Health & Safety

February 15, 2013

Firearm safety goes distance to prevent mishaps

Senior Airman Gabriel Cuevas, 56th SFS pass and registration clerk, measures targets within the scope during his shooting requalification training at the Ben Avery Shooting Range.

Combat Arms Training and Maintenance members went out to the Ben Avery Shooting Range Jan. 31 to maintain their qualifications as advanced designated marksmen.

“Shooters must engage a variety of targets up to 500 meters,” said Staff Sgt. Brady Craddock, 56th Security Forces Squadron combat arms training instructor. “They fire in several positions to include: prone supported, prone unsupported, kneeling and over a barricade.”

While SFS was out on the range, 56th Fighter Wing Safety was also there to make sure the rules and regulations were followed.

“We’re required to do annual inspections on ranges that are used by Air Force personnel,” said Tech. Sgt. Chris Seltmann, 56th Fighter Wing weapons safety NCO. “So since security forces uses that range, we have to certify it and do a safety inspection.”

Tech. Sgt. Matthew Buchan, 56th SFS flight sergeant, cleans a Beretta M-9 Jan. 29 during combat arms training at Luke Air Force Base. Proper cleaning is required before returning weapons to the armory.

56th FW safety guidelines for new gun users on Luke Air Force Base include:

Firearms cannot go over the bridge from the east to the west side of base.

Dorm residents or persons staying in the base hotel who have privately owned weapons must store their firearms in the security forces armory.

Weapons can be stored in base housing if forms DD 2760 and AF IMT 1314 have been filed. Form 2760 is the qualification to possess a firearm or ammunition. Form 1314 is the firearms registration form. These forms are also stored in the SFS armory as well as in the individual’s personal information file.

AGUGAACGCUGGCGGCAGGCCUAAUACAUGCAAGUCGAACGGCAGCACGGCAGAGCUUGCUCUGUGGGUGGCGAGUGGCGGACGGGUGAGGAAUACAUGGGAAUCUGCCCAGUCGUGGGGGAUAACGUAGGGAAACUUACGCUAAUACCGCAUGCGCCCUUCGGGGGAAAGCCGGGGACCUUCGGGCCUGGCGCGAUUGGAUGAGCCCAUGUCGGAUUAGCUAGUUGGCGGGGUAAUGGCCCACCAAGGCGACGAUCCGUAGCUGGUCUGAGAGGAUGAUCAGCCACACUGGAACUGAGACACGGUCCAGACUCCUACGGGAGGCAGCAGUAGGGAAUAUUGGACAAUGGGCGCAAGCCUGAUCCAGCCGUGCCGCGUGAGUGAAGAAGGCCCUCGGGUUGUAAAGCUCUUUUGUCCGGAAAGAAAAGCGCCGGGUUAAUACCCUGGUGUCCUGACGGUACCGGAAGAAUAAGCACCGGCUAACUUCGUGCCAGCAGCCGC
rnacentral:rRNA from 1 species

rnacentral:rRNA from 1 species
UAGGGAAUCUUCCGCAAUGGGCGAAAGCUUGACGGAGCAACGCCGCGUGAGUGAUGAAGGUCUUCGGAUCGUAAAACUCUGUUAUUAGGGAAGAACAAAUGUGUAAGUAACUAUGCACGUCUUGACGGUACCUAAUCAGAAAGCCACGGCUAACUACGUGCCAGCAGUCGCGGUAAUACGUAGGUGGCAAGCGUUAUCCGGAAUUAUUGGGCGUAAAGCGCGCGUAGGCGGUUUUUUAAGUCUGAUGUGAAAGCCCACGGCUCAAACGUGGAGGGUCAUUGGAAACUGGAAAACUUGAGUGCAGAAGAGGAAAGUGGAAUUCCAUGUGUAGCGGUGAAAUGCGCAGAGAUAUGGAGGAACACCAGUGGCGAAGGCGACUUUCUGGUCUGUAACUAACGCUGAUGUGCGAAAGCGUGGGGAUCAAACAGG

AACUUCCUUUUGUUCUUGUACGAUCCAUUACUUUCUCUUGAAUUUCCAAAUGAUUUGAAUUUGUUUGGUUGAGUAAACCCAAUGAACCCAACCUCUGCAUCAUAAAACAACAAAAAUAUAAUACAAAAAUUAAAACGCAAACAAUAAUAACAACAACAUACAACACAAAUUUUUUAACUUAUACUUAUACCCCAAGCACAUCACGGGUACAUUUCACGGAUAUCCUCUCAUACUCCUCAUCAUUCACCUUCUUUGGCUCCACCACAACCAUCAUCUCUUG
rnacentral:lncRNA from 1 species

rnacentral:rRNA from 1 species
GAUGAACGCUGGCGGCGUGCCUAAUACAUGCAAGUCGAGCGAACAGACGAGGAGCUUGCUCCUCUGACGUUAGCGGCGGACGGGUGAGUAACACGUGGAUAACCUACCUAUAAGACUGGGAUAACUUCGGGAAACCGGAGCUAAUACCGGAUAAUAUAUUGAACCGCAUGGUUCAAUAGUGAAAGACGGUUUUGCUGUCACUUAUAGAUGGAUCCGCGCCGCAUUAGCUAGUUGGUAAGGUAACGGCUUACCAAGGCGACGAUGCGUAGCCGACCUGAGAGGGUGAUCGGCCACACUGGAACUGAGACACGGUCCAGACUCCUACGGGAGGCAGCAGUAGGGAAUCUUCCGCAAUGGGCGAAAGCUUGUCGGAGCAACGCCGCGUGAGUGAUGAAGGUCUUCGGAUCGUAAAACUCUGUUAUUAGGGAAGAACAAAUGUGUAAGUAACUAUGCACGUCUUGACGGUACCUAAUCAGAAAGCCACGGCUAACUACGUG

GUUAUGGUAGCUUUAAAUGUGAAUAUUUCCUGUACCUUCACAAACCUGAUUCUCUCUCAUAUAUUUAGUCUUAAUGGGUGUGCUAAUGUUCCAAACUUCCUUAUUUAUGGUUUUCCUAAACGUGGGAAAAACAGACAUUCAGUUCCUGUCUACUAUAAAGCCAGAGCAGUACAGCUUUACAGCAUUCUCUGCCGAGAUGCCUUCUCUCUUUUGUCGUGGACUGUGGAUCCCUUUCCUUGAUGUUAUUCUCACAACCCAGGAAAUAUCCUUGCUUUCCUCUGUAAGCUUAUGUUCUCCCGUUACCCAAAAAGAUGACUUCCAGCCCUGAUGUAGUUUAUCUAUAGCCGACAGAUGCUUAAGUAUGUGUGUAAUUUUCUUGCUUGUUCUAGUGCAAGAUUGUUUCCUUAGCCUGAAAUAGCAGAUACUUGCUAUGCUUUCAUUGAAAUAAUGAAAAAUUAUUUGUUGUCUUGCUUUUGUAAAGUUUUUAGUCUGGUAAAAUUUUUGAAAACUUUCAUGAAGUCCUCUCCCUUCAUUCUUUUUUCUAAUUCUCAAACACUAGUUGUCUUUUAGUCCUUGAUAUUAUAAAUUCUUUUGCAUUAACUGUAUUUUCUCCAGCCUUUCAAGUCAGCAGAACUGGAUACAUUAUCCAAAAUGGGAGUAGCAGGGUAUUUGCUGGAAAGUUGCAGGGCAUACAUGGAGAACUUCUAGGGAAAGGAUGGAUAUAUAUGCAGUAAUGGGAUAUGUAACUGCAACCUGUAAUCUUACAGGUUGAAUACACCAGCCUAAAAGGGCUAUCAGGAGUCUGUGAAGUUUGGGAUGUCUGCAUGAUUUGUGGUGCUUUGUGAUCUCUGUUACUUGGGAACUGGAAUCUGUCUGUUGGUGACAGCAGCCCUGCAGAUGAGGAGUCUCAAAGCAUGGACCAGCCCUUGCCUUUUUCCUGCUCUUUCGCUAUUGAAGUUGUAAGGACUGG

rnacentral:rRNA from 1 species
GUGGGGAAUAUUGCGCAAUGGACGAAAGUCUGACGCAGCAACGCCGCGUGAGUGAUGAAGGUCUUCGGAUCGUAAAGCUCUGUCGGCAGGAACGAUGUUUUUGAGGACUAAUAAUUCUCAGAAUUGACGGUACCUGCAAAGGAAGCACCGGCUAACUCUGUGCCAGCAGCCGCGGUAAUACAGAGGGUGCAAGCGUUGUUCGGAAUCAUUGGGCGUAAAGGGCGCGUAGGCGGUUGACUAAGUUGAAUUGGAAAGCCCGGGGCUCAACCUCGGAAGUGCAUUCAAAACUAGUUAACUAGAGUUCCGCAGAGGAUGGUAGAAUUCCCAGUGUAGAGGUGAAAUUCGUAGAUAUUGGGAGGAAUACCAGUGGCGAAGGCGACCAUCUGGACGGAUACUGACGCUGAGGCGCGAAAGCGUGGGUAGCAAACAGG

Firearm safety cannot be overlooked. The purpose of firearm safety is to minimize the risks of accidental death, injury or damage caused by improper handling and storage of firearms, according to Craddock.

“If you choose to have a firearm, you must become aware of the risks to which you, family and friends are exposed,” he said.

Tragedies occur from leaving unoccupied firearms accessible to others who are untrained.

“The first rule of firearm safety is to always keep it secure in the household and keep it away from minors,” Craddock said. “By hiding the firearms from minors, you can help prevent accidental shootings.”

Know your weapon. The more a person knows about the firearm, the less likely an incident will occur.

And remember, treat every weapon as loaded.

To learn more about firearm safety, call the 56th FW Safety office at (623) 856-6675.

Senior Airman Erik Williams, 56th SFS combat arms training instructor, watches Staff Sgt. Brady Craddock, 56th SFS combat arms training instructor, use Senior Airman Gabriel Cuevas, 56th SFS Bravo Flight, as shooting support during the requalification training at the Ben Avery Shooting Range north of Phoenix. The purpose of requalification is for shooters to maintain their skills as advanced designated marksman snipers.




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